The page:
moving forward

navigating through the life that was and moving into the life that is

10 Things Not to Say to a New Widow

on July 9, 2013

I have thought about this post for several weeks.  By writing this post, you may think I’m saying, “hey guys, you know how you were there for me and cared for me when my husband died? Well here are the things that I wish you really wouldn’t have said.” The truth is I do not feel that way.  If you did say any of these things, thank you. Thank you for mustering up the words to say when saying anything feels inadequate. Thank you for continuing to encourage and support me.

I belong to a young widow and widowers group with people fresh in their journey joining every day.  I have found the following statements to be universally brought up. The purpose of writing about this is to help you see it from the other side and gain insight and perspective on what to say in the future.  Because, unfortunately, as is becoming much too regular of an occurrence in my life, death will touch all of us.

The aspect I find most interesting in this part of my journey is how in your greatest time of need, God somehow grants you the grace to handle other people’s pain and uncomfortableness with grief.  I was not the only one hurting. I was not the only one who felt confused, shocked, speechless, as if my life had been completely high jacked.  However, people would try to put their feelings aside and meet my needs. We all do this. We feel the need to say something, to acknowledge what has happened.  Because dealing with death is awkward and uncomfortable, sometimes people will say some strange things. If you see me, ask me about some of my most interesting condolences. 🙂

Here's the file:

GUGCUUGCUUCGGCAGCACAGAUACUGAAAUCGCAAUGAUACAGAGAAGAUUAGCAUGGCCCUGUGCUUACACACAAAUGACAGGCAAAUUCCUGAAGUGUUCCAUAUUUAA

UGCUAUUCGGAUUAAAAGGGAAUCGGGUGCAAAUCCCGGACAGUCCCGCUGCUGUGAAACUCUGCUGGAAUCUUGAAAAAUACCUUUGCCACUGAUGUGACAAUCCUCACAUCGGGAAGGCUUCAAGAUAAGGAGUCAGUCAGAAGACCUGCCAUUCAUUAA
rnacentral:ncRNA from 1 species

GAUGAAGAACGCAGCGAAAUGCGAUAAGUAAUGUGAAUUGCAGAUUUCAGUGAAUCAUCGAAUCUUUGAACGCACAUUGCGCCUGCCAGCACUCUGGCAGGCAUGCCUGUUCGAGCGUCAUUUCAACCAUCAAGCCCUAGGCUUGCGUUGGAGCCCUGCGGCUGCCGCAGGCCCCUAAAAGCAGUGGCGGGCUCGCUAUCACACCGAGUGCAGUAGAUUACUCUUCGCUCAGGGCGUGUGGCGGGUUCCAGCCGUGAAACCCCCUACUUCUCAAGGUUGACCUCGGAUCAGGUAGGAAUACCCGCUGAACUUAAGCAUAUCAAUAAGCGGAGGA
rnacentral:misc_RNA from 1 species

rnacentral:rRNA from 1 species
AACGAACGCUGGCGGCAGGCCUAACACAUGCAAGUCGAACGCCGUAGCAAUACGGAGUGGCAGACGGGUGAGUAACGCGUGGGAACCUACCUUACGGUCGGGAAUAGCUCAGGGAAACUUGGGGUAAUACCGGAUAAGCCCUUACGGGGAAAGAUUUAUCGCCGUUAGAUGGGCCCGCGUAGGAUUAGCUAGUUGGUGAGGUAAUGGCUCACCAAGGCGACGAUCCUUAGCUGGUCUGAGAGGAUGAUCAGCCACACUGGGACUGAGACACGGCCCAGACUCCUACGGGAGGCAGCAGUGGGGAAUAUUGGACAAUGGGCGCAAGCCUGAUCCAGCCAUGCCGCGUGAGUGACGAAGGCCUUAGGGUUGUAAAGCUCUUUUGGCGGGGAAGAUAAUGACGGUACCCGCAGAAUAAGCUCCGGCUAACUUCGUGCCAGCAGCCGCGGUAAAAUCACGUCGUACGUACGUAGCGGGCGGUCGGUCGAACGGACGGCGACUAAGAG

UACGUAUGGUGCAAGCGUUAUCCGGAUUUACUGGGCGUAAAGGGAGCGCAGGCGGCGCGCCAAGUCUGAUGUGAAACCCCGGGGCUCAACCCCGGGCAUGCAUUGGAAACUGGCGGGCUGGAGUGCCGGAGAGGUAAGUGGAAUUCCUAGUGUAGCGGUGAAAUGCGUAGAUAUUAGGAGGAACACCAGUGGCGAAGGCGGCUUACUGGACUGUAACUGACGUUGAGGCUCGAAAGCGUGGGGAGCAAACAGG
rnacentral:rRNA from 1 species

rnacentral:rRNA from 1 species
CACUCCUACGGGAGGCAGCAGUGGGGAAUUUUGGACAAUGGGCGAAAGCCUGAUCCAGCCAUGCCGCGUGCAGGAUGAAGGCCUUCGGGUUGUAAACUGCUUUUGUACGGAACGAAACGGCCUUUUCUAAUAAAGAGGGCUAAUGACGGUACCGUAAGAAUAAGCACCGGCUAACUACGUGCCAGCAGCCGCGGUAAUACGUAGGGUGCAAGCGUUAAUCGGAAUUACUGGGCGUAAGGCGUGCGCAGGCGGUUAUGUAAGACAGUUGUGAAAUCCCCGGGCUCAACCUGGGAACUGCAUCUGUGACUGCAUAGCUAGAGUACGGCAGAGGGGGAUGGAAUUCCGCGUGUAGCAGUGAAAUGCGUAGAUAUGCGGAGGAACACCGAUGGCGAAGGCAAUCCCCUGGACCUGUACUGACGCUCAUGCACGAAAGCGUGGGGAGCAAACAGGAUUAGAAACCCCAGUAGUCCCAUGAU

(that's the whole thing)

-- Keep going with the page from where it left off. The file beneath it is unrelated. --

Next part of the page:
Before you read the list, I would like to say that the operative word is NEW widow – 10 Things Not to Say to a NEW Widow.  When it first occurs, everything is temporal, everything is in the moment, so there is no foresight being utilized in a newly widowed brain.

  • I have listed each statement first
    1. is what people think they are saying.
    2. is what it sounds/feels like to a new widow.

    Please read this with a sense of humor in mind. I am owning up to my honest thoughts about some of these statements and when all else fails, we all need to laugh.

  • God just needed another angel.
    1. She’s a believer. That will give her peace.
    2. My honest reaction, like hell He does. To do what? He has a trillion of them already. I need Glen here. My kids need him here. Angel, schmangel…
  • He’s at peace now